I’m not religious about the my consumer electronics or technologies. I am not anybody’s “fanboy.” Generally speaking, I buy and use technology-based products because they meet a functional purpose, not because I am emotionally attached to a brand or to a device. I think having such an emotional attachment is, well, perverse.
So I can’t understand the vehemence with which users of various gaming consoles or mobile phones rail at each other. It’s as it they think something tremendously important as at stake, when really they’re arguing about nothing of lasting significance. Does it really matter, other than to the stakeholders in the companies that provide the products, whether any given consumer favors the Sony PS3 over the Xbox 360? Does it matter, in the big picture, whether you believe Motorola’s Droid is better than Apple’s iPhone?
I don’t get it. And yet others get incredibly emotional over this stuff. I don’t know what’s in it for them, but they seem to feel that they have a personal stake in the outcome.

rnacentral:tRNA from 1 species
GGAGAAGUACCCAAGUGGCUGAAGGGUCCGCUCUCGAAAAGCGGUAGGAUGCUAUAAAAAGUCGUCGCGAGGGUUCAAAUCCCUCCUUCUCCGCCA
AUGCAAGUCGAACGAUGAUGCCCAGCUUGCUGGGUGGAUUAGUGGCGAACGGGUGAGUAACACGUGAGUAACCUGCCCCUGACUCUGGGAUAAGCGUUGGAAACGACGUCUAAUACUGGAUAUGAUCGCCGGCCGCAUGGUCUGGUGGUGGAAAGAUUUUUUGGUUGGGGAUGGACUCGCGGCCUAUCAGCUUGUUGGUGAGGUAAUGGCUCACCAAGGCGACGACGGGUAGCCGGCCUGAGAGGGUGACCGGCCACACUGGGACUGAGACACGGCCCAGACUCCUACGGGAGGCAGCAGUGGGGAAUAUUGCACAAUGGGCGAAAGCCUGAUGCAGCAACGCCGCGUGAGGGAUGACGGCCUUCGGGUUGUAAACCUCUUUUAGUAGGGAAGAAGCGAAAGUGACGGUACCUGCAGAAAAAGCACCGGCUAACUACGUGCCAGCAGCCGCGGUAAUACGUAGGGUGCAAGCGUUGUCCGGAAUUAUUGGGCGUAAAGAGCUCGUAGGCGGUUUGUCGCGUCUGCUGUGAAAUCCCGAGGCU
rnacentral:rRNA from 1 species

Somehow, in some way, they emotionally identify with a brand or a device. Are they dupes, deceived by corporate marketers, or are legitimate needs being met? I don’t have the answer, but I’m always skeptical of the advertising culture, especially in an era where our unchecked consumerist cravings have helped to deposit us into a deep, dark economic abyss.
It is with bemusement, then, that I watch the iPhone-versus-Android battle play out. I don’t have a horse in the race, and I’m not sure anybody will collect the purse at the end of it other than Apple or Google (plus the latter’s handset licensees).
Still, people who have nothing tangible to gain — other than a sense of being “right” about choosing an allegedly superior device for their personal conspicuous consumption — seem exercised about it al the same. Through it all, I feel like an anthropologist studying an exotic post-historic civilization.